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Australian philosopher, literary critic, legal scholar, and professional writer. Based in Newcastle, NSW. Author of FREEDOM OF RELIGION AND THE SECULAR STATE (2012), HUMANITY ENHANCED (2014), and THE MYSTERY OF MORAL AUTHORITY (2016).

Friday, November 10, 2006

Fringe cosmology

Over at Wikipedia there's an arbitration going on involving the editing of articles relating to cosmology and astrophysics, where some editors have seemingly sought to use the encyclopedia to promote minority or fringe theories (not necessarily pseudoscientific theories akin to creation science, but certainly views that are currently marginal within the scientific maintream).

Given Wikipedia's aspiration to be a trustworthy reference work, and given that it actually is the first port of call for many people seeking information, it is important that it strike the right balance here. These fringe theories should be treated fairly, but even more importantly the widely-accepted and well-tested findings of mainstream science should not be presented as more controversial than they actually are. The "neutral point of view" doctrine should not extend to giving marginal viewpoints in science a prominence and credibility that they lack in the real world.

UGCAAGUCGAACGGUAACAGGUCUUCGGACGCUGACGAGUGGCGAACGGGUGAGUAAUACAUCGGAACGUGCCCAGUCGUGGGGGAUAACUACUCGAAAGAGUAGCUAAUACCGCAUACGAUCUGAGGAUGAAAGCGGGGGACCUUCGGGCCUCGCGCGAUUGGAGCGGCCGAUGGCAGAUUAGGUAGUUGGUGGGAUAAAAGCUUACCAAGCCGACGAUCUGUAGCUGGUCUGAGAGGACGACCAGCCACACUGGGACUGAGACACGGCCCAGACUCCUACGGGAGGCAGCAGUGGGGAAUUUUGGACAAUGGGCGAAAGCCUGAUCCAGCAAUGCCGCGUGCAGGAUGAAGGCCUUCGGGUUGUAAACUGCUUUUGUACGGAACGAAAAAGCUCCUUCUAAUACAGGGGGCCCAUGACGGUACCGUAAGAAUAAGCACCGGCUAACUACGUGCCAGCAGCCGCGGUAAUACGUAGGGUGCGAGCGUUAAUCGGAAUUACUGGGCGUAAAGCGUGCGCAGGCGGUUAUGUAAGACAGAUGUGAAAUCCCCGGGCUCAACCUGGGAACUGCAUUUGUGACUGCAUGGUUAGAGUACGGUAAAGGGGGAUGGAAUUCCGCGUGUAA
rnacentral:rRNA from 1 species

Except for some dealings with the parties from the standpoint of a neutral administrator, I've had very little involvement in the dispute that led to this point. However, I think that a good outcome to this case is critical to Wikipedia's ongoing efforts to be credible: is it going to evolve into a reputable encyclopedia or not? Accordingly, I've been commenting on the issues in some detail, for whatever my comments may be worth to the arbitrators.

In this situation, a good outcome will have some balance; the fringe theories should be described in a factual, objective way in the articles devoted to them, without the need for a debunking tone. However, the encyclopedia's overall balance must lean towards presenting scientific orthodoxy wherever such a thing exists. In some cases, there may be genuine division of opinion within the scientific mainstream, but that is not the problem here.

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